Acknowledging and addressing mental health in the workplace can be a challenge for many leaders. Across society, mental health is still a touchy subject and one that many people avoid or don’t understand. But the fact is, mental health is part of who we are as human beings and it’s not something that can be ignored or compartmentalized. Research consistently indicates that poor mental health is a blow to productivity, with the U.K. government describing(1) it as the country’s biggest cause of disability, and estimating that it cost the economy £105 billion ($142 billion) in 2011. And according to The Lancet(2), the cost may actually reach $6 trillion by 2030.
With facts like these, it’s become an imperative that business leadership invests more in empathy if they want to improve their employee’s mental health. In fact, according to Development Dimensions International (DDI) research(3), empathy is the most critical value a leader can bring to a much-distressed workplace. And, in the midst of the Great Resignation(4), workers are re-evaluating their priorities and what matters to them at work. This can mean your business gets left behind if you’re not leading with empathy.
How the Pandemic Changed Workplace Empathy for Good
The COVID-19 pandemic tested every management and organizational structure worldwide, with quarantines, social distancing, and remote learning and working becoming part of the new normal. While the pandemic has been the ultimate test of our ability to adapt and change, empathy could be one of the biggest lessons we take from it. With it, we can create more trusting and compassionate relationships, especially in the workplace, to get through these challenging times together.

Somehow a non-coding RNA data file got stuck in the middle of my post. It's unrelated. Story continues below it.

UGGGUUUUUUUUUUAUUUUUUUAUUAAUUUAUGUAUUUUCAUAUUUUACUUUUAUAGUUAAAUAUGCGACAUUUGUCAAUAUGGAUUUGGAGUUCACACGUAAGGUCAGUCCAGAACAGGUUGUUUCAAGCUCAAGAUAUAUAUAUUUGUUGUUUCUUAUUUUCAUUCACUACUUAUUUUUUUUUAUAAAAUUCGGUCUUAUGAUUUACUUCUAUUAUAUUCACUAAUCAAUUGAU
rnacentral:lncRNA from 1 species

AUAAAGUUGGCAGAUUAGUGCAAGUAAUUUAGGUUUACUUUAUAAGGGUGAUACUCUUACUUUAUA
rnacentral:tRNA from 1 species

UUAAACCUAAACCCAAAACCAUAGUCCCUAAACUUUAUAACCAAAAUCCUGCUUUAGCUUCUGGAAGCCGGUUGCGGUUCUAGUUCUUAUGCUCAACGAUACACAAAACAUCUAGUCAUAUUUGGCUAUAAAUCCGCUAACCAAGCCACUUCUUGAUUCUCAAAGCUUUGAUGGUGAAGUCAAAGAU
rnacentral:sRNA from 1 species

A recent Kaiser Family Foundation study(5) reported that almost half of Americans believe the pandemic has significantly affected their mental health. As a result, business leaders have been working actively to incorporate empathy into their workplaces, recognizing it as one of the most effective methods to care for and promote their employees’ well-being. As restrictions worldwide begin to lift and people are returning to their physical workplaces, it’s critical that leadership continue focusing on how to instill compassion into their workplace cultures, even after the pandemic.
How Businesses Redefine the Workplace
British entrepreneur James Routledge says that better mental health at work is partly down to CEOs and leaders. In fact, their own relationship with their mental health can shape the business’s approach to employee mental health. Leaders must first turn to their own mindset around their mental health and take stock.